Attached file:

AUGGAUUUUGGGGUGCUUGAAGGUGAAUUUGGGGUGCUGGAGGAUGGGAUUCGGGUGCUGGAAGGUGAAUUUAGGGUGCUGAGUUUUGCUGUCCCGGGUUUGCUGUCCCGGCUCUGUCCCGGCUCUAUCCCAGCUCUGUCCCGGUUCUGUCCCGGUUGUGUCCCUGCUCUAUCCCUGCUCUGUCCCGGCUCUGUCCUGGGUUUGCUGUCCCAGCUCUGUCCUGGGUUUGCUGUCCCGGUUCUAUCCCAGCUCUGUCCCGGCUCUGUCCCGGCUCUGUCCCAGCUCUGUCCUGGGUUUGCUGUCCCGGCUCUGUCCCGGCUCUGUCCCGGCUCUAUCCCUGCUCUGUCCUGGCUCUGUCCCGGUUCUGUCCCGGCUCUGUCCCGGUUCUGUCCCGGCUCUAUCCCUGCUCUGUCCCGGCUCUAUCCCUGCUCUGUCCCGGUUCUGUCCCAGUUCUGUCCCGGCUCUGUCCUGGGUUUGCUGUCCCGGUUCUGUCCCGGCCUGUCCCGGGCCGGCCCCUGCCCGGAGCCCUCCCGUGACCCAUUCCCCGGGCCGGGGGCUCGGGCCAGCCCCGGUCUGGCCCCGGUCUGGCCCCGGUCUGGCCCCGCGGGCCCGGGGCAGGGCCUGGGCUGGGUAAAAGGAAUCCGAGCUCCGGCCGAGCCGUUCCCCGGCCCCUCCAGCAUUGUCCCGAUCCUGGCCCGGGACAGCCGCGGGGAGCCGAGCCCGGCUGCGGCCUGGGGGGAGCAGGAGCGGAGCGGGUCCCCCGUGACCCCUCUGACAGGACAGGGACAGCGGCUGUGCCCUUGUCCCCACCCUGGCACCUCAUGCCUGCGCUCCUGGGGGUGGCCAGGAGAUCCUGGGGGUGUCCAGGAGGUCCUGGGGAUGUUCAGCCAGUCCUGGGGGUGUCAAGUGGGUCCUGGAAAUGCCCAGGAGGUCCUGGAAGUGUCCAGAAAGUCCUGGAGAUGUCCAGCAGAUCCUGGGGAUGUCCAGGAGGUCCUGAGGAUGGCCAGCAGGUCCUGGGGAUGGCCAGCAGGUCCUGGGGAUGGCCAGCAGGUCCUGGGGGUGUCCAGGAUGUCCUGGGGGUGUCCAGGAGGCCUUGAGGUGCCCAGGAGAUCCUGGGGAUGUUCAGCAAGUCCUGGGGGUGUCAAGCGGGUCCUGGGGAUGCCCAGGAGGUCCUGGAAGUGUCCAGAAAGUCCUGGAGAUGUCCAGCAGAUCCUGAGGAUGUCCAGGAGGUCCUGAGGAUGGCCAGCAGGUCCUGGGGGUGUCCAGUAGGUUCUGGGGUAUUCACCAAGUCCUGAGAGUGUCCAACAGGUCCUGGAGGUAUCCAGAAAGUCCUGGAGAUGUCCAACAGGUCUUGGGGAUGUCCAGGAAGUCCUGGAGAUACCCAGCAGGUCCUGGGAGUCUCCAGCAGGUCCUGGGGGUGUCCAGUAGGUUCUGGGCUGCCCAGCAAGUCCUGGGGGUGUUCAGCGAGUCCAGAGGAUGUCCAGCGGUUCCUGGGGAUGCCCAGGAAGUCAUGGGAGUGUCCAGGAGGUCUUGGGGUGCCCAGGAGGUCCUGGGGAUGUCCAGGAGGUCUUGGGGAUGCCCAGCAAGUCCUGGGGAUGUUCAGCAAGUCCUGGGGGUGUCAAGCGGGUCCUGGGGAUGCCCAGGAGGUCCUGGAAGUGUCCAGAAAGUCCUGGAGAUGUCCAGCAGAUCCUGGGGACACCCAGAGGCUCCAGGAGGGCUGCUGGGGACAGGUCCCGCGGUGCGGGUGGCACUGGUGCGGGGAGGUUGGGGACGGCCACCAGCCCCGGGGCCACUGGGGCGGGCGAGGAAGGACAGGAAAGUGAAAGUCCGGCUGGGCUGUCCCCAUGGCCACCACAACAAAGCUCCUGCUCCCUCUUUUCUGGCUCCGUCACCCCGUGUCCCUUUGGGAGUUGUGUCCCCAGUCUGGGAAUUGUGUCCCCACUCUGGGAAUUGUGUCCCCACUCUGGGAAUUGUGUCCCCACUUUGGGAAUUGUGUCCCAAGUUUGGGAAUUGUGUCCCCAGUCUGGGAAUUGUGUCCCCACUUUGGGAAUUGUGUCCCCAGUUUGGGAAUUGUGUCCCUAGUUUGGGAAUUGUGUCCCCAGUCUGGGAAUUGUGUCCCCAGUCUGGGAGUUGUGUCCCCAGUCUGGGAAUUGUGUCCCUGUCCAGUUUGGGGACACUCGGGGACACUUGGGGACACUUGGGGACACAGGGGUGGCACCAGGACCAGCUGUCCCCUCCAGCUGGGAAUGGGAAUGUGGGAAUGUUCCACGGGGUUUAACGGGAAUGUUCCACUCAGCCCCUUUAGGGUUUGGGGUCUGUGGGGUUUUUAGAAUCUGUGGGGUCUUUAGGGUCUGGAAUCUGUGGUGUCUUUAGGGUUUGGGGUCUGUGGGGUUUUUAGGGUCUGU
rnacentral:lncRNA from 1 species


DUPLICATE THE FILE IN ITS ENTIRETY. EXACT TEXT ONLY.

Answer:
AUGGAUUUUGGGGUGCUUGAAGGUGAAUUUGGGGUGCUGGAGGAUGGGAUUCGGGUGCUGGAAGGUGAAUUUAGGGUGCUGAGUUUUGCUGUCCCGGGUUUGCUGUCCCGGCUCUGUCCCGGCUCUAUCCCAGCUCUGUCCCGGUUCUGUCCCGGUUGUGUCCCUGCUCUAUCCCUGCUCUGUCCCGGCUCUGUCCUGGGUUUGCUGUCCCAGCUCUGUCCUGGGUUUGCUGUCCCGGUUCUAUCCCAGCUCUGUCCCGGCUCUGUCCCGGCUCUGUCCCAGCUCUGUCCUGGGUUUGCUGUCCCGGCUCUGUCCCGGCUCUGUCCCGGCUCUAUCCCUGCUCUGUCCUGGCUCUGUCCCGGUUCUGUCCCGGCUCUGUCCCGGUUCUGUCCCGGCUCUAUCCCUGCUCUGUCCCGGCUCUAUCCCUGCUCUGUCCCGGUUCUGUCCCAGUUCUGUCCCGGCUCUGUCCUGGGUUUGCUGUCCCGGUUCUGUCCCGGCCUGUCCCGGGCCGGCCCCUGCCCGGAGCCCUCCCGUGACCCAUUCCCCGGGCCGGGGGCUCGGGCCAGCCCCGGUCUGGCCCCGGUCUGGCCCCGGUCUGGCCCCGCGGGCCCGGGGCAGGGCCUGGGCUGGGUAAAAGGAAUCCGAGCUCCGGCCGAGCCGUUCCCCGGCCCCUCCAGCAUUGUCCCGAUCCUGGCCCGGGACAGCCGCGGGGAGCCGAGCCCGGCUGCGGCCUGGGGGGAGCAGGAGCGGAGCGGGUCCCCCGUGACCCCUCUGACAGGACAGGGACAGCGGCUGUGCCCUUGUCCCCACCCUGGCACCUCAUGCCUGCGCUCCUGGGGGUGGCCAGGAGAUCCUGGGGGUGUCCAGGAGGUCCUGGGGAUGUUCAGCCAGUCCUGGGGGUGUCAAGUGGGUCCUGGAAAUGCCCAGGAGGUCCUGGAAGUGUCCAGAAAGUCCUGGAGAUGUCCAGCAGAUCCUGGGGAUGUCCAGGAGGUCCUGAGGAUGGCCAGCAGGUCCUGGGGAUGGCCAGCAGGUCCUGGGGAUGGCCAGCAGGUCCUGGGGGUGUCCAGGAUGUCCUGGGGGUGUCCAGGAGGCCUUGAGGUGCCCAGGAGAUCCUGGGGAUGUUCAGCAAGUCCUGGGGGUGUCAAGCGGGUCCUGGGGAUGCCCAGGAGGUCCUGGAAGUGUCCAGAAAGUCCUGGAGAUGUCCAGCAGAUCCUGAGGAUGUCCAGGAGGUCCUGAGGAUGGCCAGCAGGUCCUGGGGGUGUCCAGUAGGUUCUGGGGUAUUCACCAAGUCCUGAGAGUGUCCAACAGGUCCUGGAGGUAUCCAGAAAGUCCUGGAGAUGUCCAACAGGUCUUGGGGAUGUCCAGGAAGUCCUGGAGAUACCCAGCAGGUCCUGGGAGUCUCCAGCAGGUCCUGGGGGUGUCCAGUAGGUUCUGGGCUGCCCAGCAAGUCCUGGGGGUGUUCAGCGAGUCCAGAGGAUGUCCAGCGGUUCCUGGGGAUGCCCAGGAAGUCAUGGGAGUGUCCAGGAGGUCUUGGGGUGCCCAGGAGGUCCUGGGGAUGUCCAGGAGGUCUUGGGGAUGCCCAGCAAGUCCUGGGGAUGUUCAGCAAGUCCUGGGGGUGUCAAGCGGGUCCUGGGGAUGCCCAGGAGGUCCUGGAAGUGUCCAGAAAGUCCUGGAGAUGUCCAGCAGAUCCUGGGGACACCCAGAGGCUCCAGGAGGGCUGCUGGGGACAGGUCCCGCGGUGCGGGUGGCACUGGUGCGGGGAGGUUGGGGACGGCCACCAGCCCCGGGGCCACUGGGGCGGGCGAGGAAGGACAGGAAAGUGAAAGUCCGGCUGGGCUGUCCCCAUGGCCACCACAACAAAGCUCCUGCUCCCUCUUUUCUGGCUCCGUCACCCCGUGUCCCUUUGGGAGUUGUGUCCCCAGUCUGGGAAUUGUGUCCCCACUCUGGGAAUUGUGUCCCCACUCUGGGAAUUGUGUCCCCACUUUGGGAAUUGUGUCCCAAGUUUGGGAAUUGUGUCCCCAGUCUGGGAAUUGUGUCCCCACUUUGGGAAUUGUGUCCCCAGUUUGGGAAUUGUGUCCCUAGUUUGGGAAUUGUGUCCCCAGUCUGGGAAUUGUGUCCCCAGUCUGGGAGUUGUGUCCCCAGUCUGGGAAUUGUGUCCCUGUCCAGUUUGGGGACACUCGGGGACACUUGGGGACACUUGGGGACACAGGGGUGGCACCAGGACCAGCUGUCCCCUCCAGCUGGGAAUGGGAAUGUGGGAAUGUUCCACGGGGUUUAACGGGAAUGUUCCACUCAGCCCCUUUAGGGUUUGGGGUCUGUGGGGUUUUUAGAAUCUGUGGGGUCUUUAGGGUCUGGAAUCUGUGGUGUCUUUAGGGUUUGGGGUCUGUGGGGUUUUUAGGGUCUGU
rnacentral:lncRNA from 1 species